Inside the security issues at the Moffat County Courthouse
Construction of the new Moffat County Courthouse is well underway, and a plan for demolition of the old property is in place, but how exactly did this situation get where it is today?
The need for Moffat County to upgrade its courthouse for security and safety is not a new conversation. It predates current elected officials, county staff and the district’s chief judge.
“The conversation really started before me,” said 14th Judicial District Chief Judge Michael A. O’Hara III, who started as chief judge in 2003 and faced some immediate problems in the district.
“I went and met with the commissioners multiple times,” O’Hara recalled. “Back then, I was just trying to get some security in place for the buildings, and it was difficult.”
Now that the decision has been made to construct a new courthouse, it’s stirred up conversations across the community about whether a new courthouse was really necessary and how the 14th Judicial Court has the power to order counties to upgrade facilities.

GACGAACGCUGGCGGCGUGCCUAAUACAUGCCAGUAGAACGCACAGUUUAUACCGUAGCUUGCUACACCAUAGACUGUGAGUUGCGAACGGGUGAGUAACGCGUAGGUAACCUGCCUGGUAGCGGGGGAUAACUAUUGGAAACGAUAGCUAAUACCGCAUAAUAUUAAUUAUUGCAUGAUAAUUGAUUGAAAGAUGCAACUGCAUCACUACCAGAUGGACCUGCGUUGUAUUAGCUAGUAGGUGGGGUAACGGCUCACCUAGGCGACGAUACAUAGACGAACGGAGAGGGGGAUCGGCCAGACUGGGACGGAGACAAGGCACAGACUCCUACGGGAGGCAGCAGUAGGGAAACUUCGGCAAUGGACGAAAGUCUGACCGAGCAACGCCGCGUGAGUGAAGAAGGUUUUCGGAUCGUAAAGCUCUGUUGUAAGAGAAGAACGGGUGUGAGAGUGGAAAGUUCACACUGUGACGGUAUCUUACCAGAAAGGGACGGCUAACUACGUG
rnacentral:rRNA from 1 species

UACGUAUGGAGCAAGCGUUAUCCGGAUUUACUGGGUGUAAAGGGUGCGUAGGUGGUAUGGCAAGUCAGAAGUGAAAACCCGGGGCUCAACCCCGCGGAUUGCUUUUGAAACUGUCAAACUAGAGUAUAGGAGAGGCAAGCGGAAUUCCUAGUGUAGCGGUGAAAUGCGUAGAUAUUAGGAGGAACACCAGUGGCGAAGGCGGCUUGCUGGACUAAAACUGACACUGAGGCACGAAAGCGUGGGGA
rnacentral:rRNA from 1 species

Orders from the courts
In Colorado, courts have authority to direct counties to construct new judicial facilities if existing facilities are unsafe or inadequate.
“Individual counties are responsible for providing space for the court services,” O’Hara said. “I am not saying that’s how it should be, but that is how it’s set up.”
The precedent originated from a 1988 situation in Mesa County where a defendant was being transported to district court and his wife maced a sheriff’s deputy as she armed the defendant with a gun she smuggled into the courthouse. The wife also had a gun, and the couple held three courthouse employees hostage.
According to the case records, the hostages were released, but the wife died from a gunshot wound. The report states that the courthouse was not equipped with proper protection against acts of violence and did not have security measures in place to prevent weapons from being brought into the courthouse.
After the incident, the 21st District Chief Judge ordered the Mesa County Sheriff’s Office to provide security for the courts, which was appealed. The Colorado Supreme Court ruled that it is the responsibility of the county to provide a secure and protected space.